Set against that backdrop, ASIS International has developed a tool to allow security leaders to see where they stand in six aspects of their security programme in order to determine where they want to be in the future. They can then begin to identify the gaps and develop a path towards closing them.

How does it work? The model defines the maturity steps organisations can benchmark against to evaluate themselves on a continuum between low and high ESRM maturity. Survey takers answer a series of questions using the one-to-five rating in these areas: Programme Strategy, Programme Governance, Organisational Understanding and Awareness, Programme Implementation and Application, Programme Management and Advancement and the Alignment of Security Risk Mitigation Activity.

These maturity levels are defined between Level 1 and Level 5 on a continuum where Level 1 represents approximately the tenth percentile of maturity and Level 5 approximately the 90th percentile of practice. Instructions in the tool itself help survey takers understand how to answer the questions and reach appropriate ratings, which themselves range from ad hoc to optimised:

*Ad Hoc: Processes at this level are (typically) undocumented and in a state of dynamic change, tending to be driven in an ad hoc, uncontrolled and reactive manner by users or events. Risk knowledge is limited to a few key personnel, with no cross-training between security teams/groups and departments. This provides a chaotic or unstable environment for the processes

*Repeatable: Processes are repeatable, possibly with consistent results. Process discipline is unlikely to be rigorous, but where it exists it may help to ensure that existing processes are maintained during times of stress. Cross-functional teams are mostly in place and roles/responsibilities regarding risk knowledge are generally understood

*Defined: Processes at this level are defined and documented and subject to some degree of improvement over time. These standard processes are in place and used to establish consistency of process performance across the organisation. Cross-functional teams are in place, ESRM knowledge is transferred between teams and roles/responsibilities regarding risk knowledge are well defined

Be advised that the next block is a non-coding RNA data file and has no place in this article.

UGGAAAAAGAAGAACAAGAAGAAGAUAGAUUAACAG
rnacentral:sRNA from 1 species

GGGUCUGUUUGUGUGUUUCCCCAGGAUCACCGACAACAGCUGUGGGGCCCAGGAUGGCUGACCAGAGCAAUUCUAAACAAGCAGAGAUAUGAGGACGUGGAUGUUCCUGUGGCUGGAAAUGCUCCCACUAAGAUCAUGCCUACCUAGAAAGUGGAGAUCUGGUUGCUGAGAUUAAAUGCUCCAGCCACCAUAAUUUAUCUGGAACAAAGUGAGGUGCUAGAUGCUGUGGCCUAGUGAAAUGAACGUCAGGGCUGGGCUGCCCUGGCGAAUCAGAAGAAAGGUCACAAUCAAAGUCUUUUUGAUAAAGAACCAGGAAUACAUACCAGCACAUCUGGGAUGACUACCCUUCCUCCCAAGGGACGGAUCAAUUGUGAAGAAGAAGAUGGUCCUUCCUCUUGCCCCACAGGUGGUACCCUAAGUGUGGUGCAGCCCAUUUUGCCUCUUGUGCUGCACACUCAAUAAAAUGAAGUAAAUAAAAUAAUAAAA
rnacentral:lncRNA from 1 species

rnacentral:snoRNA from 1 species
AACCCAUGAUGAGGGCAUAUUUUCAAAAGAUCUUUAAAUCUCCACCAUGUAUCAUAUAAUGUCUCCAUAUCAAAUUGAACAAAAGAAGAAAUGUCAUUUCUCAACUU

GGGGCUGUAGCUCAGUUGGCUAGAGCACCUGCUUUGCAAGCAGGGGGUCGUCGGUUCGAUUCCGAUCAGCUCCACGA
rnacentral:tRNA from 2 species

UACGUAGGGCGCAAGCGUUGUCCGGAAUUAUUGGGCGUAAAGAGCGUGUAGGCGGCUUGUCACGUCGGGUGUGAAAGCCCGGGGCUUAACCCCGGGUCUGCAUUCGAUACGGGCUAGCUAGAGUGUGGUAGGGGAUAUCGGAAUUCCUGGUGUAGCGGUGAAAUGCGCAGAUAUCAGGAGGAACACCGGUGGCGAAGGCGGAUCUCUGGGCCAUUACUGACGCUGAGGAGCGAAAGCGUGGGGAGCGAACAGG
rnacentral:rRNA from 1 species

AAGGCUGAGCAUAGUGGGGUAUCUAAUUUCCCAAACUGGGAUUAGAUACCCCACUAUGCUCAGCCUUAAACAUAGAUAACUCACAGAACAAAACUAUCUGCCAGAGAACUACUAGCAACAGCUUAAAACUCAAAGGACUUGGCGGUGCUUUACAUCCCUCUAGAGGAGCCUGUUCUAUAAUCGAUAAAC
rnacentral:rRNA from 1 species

*Managed: Using process metrics, management can effectively control the process. In particular, management can identify ways in which to adjust and adapt the process to particular projects without measurable losses of quality or deviations from specifications. Cross-functional teams are adequately staffed for ESRM, performance for these teams is measured and ESRM development/training programmes are in place for teams across the organisation

Optimised: At this level, the focus is very much on continually improving programme performance through both incremental and innovative changes and improvements. ESRM performance metrics are measured and optimised and drive team actions

What are the results? The tool provides the end user with a set of graphs showing their current state versus their desired future state. These results will help security leaders understand what aspects of their ESRM programme need attention and to seek out standards, guidelines, colleagues, teams, education, articles and other career-development tools that can help both themselves, their departments and their organisations better manage their security risk.

Next Steps for ASIS, ESRM and the model 

Mike Hurst CPP

Mike Hurst CPP

When deciding from whom to seek responses, ASIS International started with a qualitative survey of senior corporate security professionals drawn from the ASIS global membership of 34,000. Once an initial pilot was completed, ASIS opened the tool to the entire global membership, allowing anyone who’s an ASIS member to participate and gain results to deepen their understanding of where they are in their own ESRM journey.

The data collected by ASIS in this tool is anonymous and not directly tied to the participating organisations.  However, as an aggregated set of data, the story told by the results of many enterprises participating in the survey will help ASIS to discover the most common maturity gaps, understand what types of standards, practices and education can best serve both ASIS’ membership and the global security industry at large and tailor new development, standards and guidelines in order to help security professionals become better security risk managers and better business partners and more effectively protect their organisations over time.

Rachelle Loyear CISM MBCP is Vice-President of Integrated Security Solutions at G4S (US), Mike Hurst CPP MSyI FIRP is Vice-Chairman of ASIS UK and Director of HJA Consult, Michael Gips CPP CSyP is Chief Global Knowledge Officer at ASIS International, Tim McCreight CPP is Corporate Security Manager (Cyber) in the City of Calgary and Tim Wenzel CPP CISSP is a Specialist in ESRM